Author ORCID Identifier

Degree Year


Document Type

Thesis - Oberlin Community Only

Degree Name

Bachelor of Arts




T.S. McMillin

Committee Member(s)

Jeffrey Pence
Harrod Suarez


American literature, Cormac McCarthy, Blood Meridian, American history, Frontier, Mythology, Western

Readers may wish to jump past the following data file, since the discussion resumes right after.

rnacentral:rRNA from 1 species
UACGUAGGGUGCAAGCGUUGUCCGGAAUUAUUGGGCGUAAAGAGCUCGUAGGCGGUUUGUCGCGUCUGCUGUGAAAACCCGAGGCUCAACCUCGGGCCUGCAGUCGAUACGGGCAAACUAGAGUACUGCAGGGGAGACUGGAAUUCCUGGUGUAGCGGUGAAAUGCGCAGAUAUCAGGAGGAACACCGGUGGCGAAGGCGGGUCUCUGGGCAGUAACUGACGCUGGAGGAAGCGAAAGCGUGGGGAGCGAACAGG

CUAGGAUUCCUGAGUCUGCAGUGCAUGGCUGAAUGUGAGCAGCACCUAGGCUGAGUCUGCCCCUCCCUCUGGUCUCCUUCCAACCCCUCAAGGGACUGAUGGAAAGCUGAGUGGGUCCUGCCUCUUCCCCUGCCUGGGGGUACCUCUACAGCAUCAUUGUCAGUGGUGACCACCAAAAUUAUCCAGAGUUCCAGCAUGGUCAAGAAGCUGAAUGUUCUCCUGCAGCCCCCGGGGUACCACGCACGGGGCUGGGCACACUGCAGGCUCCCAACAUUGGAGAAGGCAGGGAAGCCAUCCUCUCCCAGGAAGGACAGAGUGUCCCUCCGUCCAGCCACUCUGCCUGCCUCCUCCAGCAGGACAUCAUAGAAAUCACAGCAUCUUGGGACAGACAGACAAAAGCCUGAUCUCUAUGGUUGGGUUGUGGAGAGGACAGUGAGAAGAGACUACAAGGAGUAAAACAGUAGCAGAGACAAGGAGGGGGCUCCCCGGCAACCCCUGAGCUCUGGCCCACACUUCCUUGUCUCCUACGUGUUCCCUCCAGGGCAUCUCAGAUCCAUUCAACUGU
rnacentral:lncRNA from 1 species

This project focuses on a literary analysis of Cormac McCarthy’s magnum opus, Blood Meridian, or; the Evening of Redness in the West, using it as a case study in examining the ways in which literature can respond to cultural mythologies, in particular the myth of the American Frontier. Using Roland Barthes typology of myth as depoliticized speech, I argue that the frontier myth primarily functions to justify the genocidal violence which paved the way for westward expansion. By reinforcing dominant cultural narratives and reducing history to archetypes and essences, this ideological project comes to appear as natural and apolitical. From this basis, I then point to Blood Meridian as a novel that works to subvert this mythology (and its literary manifestations via western genre conventions) through two distinct and seemingly opposing discursive voices which I’ve termed the “modes of mythic discourse.” The devisionary mode aligns with McCarthy’s documentarian descriptions and historical accuracy, establishing a nuanced view of the historical moment which contrasts and highlights the problematic essentialism of myth. The revisionary mode in turn operates through his use of highly referential baroque language and surreal or symbolic imagery, constructing an opposing mythic worldview that challenges the optimism and moral security of the frontier myth with a particularly bleak vision of the West. My research not only displays that the confluence and interaction of these two disparate modes make Blood Meridian a uniquely powerful novel in the trend of revisionist westerns, but also works to more deeply examine the discursive methodologies available to literature in challenging institutional mythologies.